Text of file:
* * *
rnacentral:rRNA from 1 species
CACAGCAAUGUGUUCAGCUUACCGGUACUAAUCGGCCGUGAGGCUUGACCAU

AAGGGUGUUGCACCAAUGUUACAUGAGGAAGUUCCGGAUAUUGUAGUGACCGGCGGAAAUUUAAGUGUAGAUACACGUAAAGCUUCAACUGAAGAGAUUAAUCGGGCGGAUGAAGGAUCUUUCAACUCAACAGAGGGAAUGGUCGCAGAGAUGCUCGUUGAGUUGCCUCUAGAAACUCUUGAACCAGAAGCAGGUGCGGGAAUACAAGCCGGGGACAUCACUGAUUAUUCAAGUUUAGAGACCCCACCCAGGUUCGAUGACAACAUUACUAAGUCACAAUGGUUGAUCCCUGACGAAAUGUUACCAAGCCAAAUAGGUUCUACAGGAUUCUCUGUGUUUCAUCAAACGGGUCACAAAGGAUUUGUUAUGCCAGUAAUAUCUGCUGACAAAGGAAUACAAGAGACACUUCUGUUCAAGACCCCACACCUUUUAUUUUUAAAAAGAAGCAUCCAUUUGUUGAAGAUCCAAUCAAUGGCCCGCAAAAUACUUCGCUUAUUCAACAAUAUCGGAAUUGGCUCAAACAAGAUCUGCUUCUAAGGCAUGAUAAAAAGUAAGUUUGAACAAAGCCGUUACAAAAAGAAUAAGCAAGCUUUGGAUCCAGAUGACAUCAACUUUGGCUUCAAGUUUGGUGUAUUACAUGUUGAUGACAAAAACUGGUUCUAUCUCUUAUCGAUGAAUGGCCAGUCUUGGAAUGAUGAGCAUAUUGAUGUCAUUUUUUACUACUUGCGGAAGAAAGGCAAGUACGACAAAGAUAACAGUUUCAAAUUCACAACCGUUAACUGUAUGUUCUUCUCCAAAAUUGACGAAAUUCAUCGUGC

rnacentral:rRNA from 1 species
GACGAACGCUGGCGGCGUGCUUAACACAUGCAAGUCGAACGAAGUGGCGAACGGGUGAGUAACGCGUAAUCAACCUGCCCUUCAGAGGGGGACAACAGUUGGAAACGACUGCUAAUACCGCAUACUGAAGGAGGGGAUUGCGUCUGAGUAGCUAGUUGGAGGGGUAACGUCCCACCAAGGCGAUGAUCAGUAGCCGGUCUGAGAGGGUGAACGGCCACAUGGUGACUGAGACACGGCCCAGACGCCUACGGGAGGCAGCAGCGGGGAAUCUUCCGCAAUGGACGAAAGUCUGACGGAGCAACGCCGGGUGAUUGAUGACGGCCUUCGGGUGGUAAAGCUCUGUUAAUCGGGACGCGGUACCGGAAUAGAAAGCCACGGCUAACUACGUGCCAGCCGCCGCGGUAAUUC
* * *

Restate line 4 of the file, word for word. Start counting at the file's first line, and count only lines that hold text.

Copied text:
rnacentral:rRNA from 1 species